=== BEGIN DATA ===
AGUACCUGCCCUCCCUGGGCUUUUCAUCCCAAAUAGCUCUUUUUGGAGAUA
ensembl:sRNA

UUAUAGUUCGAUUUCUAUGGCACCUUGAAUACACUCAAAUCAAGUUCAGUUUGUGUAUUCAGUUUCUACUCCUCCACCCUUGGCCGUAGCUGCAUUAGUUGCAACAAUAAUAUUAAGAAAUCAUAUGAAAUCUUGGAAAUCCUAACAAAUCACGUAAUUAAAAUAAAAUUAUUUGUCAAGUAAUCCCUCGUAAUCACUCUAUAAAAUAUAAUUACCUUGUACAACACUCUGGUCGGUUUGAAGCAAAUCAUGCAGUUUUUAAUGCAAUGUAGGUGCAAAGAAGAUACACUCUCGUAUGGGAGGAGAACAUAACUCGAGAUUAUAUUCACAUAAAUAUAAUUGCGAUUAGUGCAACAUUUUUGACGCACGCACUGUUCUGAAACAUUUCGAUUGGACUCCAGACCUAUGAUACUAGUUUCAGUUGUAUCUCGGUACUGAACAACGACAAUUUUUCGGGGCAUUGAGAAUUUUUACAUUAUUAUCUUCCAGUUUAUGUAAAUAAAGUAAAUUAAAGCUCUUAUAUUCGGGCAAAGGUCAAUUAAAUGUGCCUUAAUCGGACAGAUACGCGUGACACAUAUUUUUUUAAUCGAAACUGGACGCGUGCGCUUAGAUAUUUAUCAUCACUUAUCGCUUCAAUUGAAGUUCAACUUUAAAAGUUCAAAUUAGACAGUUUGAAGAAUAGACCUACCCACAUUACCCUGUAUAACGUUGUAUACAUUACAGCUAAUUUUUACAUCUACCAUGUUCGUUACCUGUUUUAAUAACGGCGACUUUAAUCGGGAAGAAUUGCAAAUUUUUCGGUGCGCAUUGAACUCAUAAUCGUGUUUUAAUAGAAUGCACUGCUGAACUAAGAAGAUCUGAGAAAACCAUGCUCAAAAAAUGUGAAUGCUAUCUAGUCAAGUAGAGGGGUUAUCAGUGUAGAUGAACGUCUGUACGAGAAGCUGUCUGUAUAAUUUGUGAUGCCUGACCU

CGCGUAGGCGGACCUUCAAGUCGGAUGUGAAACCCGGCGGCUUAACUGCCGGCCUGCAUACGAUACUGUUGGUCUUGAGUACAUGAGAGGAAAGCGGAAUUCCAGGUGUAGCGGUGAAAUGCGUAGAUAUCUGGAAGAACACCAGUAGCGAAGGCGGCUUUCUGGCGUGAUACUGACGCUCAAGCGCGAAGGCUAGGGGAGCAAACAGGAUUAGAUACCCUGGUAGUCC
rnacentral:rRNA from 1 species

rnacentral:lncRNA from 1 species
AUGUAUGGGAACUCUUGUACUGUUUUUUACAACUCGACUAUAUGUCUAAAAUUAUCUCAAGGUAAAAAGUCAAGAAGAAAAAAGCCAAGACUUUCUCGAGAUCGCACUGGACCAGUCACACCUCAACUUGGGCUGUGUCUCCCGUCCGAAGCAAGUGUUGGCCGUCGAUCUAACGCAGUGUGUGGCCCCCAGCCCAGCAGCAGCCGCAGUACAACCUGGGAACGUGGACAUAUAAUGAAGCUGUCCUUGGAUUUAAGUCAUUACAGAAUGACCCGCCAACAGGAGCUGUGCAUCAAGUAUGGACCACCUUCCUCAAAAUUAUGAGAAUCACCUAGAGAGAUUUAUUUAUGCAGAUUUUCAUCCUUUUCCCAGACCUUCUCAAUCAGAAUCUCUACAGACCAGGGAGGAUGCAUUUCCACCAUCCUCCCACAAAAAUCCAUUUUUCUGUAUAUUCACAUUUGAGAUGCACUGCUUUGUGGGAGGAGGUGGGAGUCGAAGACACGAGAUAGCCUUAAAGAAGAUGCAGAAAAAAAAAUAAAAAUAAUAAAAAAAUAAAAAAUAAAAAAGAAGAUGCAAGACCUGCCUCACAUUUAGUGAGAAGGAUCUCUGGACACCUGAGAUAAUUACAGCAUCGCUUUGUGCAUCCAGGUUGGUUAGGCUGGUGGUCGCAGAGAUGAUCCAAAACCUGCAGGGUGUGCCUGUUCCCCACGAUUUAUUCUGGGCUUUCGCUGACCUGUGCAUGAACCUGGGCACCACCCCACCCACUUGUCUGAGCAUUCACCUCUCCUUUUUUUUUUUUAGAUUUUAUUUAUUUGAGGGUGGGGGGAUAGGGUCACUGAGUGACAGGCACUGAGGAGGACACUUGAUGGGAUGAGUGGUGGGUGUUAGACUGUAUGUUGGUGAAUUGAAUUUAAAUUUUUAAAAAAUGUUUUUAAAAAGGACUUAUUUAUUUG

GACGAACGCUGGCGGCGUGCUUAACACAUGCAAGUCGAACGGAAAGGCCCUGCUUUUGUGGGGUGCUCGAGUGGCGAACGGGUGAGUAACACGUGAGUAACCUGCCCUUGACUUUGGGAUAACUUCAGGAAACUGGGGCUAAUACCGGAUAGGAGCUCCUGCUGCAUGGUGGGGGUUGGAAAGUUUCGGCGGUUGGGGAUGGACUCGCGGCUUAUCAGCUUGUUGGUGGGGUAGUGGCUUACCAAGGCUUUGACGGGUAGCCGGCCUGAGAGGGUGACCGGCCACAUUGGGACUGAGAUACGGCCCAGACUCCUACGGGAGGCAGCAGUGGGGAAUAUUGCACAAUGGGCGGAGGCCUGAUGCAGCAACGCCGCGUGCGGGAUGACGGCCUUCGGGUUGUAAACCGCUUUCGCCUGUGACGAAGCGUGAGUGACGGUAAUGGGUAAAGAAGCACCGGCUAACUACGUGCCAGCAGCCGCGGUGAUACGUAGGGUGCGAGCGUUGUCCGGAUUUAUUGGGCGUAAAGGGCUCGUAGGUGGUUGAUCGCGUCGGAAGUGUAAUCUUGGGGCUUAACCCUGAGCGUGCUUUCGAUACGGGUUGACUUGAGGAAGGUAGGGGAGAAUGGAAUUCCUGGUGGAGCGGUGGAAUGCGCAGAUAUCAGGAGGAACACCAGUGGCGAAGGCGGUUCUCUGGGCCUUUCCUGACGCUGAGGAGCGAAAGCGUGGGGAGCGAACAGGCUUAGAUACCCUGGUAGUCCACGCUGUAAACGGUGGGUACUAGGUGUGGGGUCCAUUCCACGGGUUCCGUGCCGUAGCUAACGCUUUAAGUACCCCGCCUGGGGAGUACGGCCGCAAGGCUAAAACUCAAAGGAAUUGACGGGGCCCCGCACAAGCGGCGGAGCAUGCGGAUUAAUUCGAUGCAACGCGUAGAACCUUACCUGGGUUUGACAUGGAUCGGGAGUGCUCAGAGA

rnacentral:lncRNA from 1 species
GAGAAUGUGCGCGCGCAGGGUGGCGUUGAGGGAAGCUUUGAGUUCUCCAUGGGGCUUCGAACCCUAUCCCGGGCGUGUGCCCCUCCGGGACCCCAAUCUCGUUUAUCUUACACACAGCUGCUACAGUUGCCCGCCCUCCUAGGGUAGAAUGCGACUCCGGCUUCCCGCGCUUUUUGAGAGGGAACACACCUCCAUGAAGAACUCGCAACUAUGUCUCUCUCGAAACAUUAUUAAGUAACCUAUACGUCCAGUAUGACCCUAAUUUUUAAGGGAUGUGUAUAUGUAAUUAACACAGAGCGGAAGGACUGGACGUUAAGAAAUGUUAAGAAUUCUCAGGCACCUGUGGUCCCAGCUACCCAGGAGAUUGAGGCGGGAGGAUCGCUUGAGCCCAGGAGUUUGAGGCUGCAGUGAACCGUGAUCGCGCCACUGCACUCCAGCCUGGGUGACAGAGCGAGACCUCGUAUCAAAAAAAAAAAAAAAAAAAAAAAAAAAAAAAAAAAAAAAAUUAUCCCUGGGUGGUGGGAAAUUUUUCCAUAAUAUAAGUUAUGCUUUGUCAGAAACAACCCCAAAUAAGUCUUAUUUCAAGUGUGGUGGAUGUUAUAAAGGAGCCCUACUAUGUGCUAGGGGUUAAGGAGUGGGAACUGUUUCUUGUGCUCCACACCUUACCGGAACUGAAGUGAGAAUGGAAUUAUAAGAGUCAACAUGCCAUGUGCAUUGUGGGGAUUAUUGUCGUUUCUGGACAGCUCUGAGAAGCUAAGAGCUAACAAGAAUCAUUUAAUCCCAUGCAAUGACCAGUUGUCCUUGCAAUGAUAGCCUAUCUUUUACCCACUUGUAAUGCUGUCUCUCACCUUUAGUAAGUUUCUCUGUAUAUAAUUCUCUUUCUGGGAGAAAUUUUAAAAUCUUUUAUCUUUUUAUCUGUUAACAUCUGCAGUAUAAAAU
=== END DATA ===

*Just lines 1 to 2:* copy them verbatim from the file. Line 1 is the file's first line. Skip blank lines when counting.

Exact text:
AGUACCUGCCCUCCCUGGGCUUUUCAUCCCAAAUAGCUCUUUUUGGAGAUA
ensembl:sRNA